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How to ride the F4i to its potential

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Old 05-09-2010, 12:45 AM
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Default How to ride the F4i to its potential

So I rode my first "real" bike today and was hoping for pointers and common techniques that everyone uses with these bike. I was hoping that My fellow F4i owners could share some insight about specifically riding the F4i and what are common annoyances with the bike and in the same common techniques on how it should be ridden (i.e 3rd is a good cruising gear and the F4i makes its power at what rpm and the F4i likes to be shifted around what rpm etc...) just looking for some advise from experienced F4i riders that all. I want to play into the bikes specific strengths and shy away from its common weakness's and known issues! More than anything, I just want to become familiar and comfortable with the bike and I thought everyones input could help me out ; )

The major thing I noticed was the clutch. Its almost like I had to let the thing damn near out to find the friction zone! Is this normal or does the clutch lever just need some adjusting? Seems like with these bikes it is very easy to "pop" the clutch and smack quickly between gears without having a somewhat large clutch friction zone. The friction zone seems small. Also, Its not that I dont "like" the location/stance of the handle bars, but I think raising them 3/4" with these risers would help out...Anybody have them or have experience with them? Can I install them myself? Here are my first two mods!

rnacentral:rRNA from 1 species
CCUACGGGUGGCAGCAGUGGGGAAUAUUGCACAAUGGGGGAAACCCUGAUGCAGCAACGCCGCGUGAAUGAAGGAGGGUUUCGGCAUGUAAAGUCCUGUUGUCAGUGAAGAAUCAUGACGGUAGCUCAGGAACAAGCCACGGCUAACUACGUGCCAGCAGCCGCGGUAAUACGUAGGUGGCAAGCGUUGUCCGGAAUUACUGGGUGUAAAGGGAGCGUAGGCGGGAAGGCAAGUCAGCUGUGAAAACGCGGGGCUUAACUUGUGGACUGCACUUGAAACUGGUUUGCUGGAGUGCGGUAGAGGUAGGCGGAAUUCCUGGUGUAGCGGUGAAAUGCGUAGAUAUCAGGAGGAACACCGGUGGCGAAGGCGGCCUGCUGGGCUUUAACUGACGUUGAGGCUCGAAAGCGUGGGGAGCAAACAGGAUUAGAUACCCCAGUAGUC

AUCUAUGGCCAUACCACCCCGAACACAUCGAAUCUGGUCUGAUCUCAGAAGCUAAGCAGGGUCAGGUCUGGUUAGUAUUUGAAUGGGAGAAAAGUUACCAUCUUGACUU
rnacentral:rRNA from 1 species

Thanks everyone.

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Last edited by 600F4inoober; 05-09-2010 at 01:00 AM.
  #2  
Old 05-09-2010, 03:05 AM
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Typically I'll cruise somewhere between 4-6K RPM around town, but a lot higher on the highways. The real torque doesn't kick in until 6K+.
As for the clutch engaging so far out, it's normal. Either get used to it, or you can get aftermarket adjustable levers. Initially I didn't like them, but now it doesn't even cross my mind having the OEM levers, or the length of pull. When you release the clutch while taking off, it should be real quick, and when shifting at speed, it should only be pulled for a fraction of a second; real quickly.
The bars initially were a little uncomfortable, but one can get used to those too.
Nice looking pipe...
 
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Old 05-09-2010, 01:32 PM
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Clutching and shifting should be really quick, or you're going to have a jerky ride. If I'm accelerating a decent amount in the upper gears (but nothing like WOT), I'll often omit clutching altogether. Release tension on the throttle for a split second while you flick the shift lever up and then grasp the throttle again. I've had undetectable shifts doing that. Getting the right amount of throttle going into and out of your shift is very important for a smooth ride (not to mention the life of your tranny/clutch), but it's something that you'll really just have to get a feel for.

As for handlebar risers, I wouldn't mind having some on mine. They're not necessary, but they would help maintain comfort for a longer period of time. If you plan on doing a lot of commuting, cruising around, or scenic-type rides, you'd probably appreciate them.
 
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Old 05-09-2010, 08:06 PM
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Originally Posted by kowen1208 View Post